Open Peer Review reports
Oxytocin-enhanced motivational interviewing group therapy for methamphetamine use disorder in men who have sex with men: study protocol for a randomized controlled trial
© The Author(s). 2019
- Published: 21 February 2019
The prevalence of methamphetamine use disorder (MUD) in the United States has risen dramatically in the past four decades and is concentrated in populations such as men who have sex with men (MSM). Despite the public health consequences of MUD, there are no FDA-approved psychopharmacological treatments. Psychosocial treatment alone has been shown to reduce methamphetamine use, but high attrition rates limit treatment efficacy. Promising findings from animal models of MUD using exogenous oxytocin, a social neuropeptide, have set the stage for translational work. Along with unique anti-addiction effects, oxytocin holds a primary role in enhancing social salience and modulating stress. In humans, oxytocin administration, combined with evidence-based psychosocial interventions, may act synergistically to improve addiction treatment outcomes and improve retention rates in current MUD treatment.
We are conducting a randomized, double-blind, placebo-controlled trial of oxytocin-enhanced motivational interviewing group therapy (MIGT). Oxytocin or placebo 40 IU is administered intranasally in conjunction with six, weekly MIGT sessions. We will recruit 50 MSM, initiating treatment for MUD from specialized community health programs in San Francisco, CA, USA. Individuals will be randomized (1:1) to receive six, weekly sessions of MIGT with or without oxytocin. Our primary outcome is session attendance. Other outcomes of interest include: measures of group cohesion, anxiety, psychophysiology, and stimulant craving and use.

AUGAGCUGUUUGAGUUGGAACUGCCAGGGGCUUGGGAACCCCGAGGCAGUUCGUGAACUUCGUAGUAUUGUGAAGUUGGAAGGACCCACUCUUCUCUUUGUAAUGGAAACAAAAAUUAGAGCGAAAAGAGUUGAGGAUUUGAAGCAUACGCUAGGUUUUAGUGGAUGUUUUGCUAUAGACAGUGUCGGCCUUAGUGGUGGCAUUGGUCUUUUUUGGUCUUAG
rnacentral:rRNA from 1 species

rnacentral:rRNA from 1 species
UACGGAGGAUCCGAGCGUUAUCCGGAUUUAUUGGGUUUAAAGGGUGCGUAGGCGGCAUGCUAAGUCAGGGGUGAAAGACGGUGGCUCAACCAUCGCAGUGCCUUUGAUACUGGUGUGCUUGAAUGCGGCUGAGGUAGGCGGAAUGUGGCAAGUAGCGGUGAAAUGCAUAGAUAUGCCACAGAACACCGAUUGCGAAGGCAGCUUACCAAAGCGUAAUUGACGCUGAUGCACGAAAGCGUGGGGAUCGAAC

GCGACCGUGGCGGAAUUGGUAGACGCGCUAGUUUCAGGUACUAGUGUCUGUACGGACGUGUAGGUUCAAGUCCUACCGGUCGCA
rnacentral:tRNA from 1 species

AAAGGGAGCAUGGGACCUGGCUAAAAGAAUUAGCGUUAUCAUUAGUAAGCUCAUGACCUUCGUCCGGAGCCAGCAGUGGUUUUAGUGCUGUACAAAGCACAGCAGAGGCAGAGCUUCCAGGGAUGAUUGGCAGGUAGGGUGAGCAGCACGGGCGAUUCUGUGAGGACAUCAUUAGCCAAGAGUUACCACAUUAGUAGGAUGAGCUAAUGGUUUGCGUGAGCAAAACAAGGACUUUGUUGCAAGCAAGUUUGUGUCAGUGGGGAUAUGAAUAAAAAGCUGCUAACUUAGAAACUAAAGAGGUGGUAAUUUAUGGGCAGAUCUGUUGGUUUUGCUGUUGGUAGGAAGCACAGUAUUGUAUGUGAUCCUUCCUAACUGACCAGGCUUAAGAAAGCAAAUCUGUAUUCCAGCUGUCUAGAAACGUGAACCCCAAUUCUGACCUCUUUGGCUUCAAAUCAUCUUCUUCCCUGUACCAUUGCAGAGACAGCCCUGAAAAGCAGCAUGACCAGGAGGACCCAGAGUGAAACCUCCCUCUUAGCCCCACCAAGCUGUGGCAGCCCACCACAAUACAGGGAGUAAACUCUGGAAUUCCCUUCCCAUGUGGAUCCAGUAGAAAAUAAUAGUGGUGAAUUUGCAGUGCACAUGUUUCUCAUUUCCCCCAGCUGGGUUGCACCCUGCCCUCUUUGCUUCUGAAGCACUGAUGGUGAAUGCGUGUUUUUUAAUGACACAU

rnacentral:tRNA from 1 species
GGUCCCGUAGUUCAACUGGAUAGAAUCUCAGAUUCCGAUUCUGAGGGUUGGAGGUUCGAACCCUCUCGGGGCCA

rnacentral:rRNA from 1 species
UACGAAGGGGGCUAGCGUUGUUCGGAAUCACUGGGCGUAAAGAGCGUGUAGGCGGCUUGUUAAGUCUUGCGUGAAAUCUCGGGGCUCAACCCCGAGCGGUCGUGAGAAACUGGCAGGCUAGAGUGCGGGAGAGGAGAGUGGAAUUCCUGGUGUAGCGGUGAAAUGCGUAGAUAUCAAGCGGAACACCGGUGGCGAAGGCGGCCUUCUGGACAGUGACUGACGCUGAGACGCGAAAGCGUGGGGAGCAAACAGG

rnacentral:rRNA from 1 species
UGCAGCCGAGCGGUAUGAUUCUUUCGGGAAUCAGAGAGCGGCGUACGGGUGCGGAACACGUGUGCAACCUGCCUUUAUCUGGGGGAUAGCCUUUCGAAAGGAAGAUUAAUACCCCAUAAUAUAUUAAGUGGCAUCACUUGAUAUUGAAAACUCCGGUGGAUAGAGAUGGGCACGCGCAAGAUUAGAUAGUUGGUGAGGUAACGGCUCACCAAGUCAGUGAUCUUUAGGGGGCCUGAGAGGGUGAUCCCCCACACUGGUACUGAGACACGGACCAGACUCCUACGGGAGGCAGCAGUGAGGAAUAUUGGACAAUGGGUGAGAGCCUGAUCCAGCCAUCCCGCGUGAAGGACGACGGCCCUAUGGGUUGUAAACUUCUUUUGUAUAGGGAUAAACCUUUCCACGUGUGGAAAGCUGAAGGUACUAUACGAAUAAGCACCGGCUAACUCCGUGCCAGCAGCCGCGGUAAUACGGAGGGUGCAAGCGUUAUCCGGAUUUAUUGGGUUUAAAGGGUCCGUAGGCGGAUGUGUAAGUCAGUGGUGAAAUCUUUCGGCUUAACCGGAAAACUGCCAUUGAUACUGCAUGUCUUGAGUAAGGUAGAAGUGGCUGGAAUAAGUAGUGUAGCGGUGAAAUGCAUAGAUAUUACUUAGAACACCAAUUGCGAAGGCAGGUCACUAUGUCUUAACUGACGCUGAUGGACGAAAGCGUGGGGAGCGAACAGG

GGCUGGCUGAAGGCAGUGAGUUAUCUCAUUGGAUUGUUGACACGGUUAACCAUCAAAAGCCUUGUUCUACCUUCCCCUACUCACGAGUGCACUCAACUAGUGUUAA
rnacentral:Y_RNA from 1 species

This will be the first study of oxytocin’s effects in humans with MUD. Findings from this novel protocol will attempt to bridge existing animal data with the need for innovative clinical treatments for MUD, inform the growing field of pharmacologically-enhanced psychotherapy, and help to elucidate mechanisms behind oxytocin’s potential anti-addiction effects.
ClinicalTrials.gov, ID: NCT02881177. Registered on 26 August 2016.
- Methamphetamine use disorder
- Men who have sex with men
- Motivational interviewing
- Group therapy
- Drug-assisted psychotherapy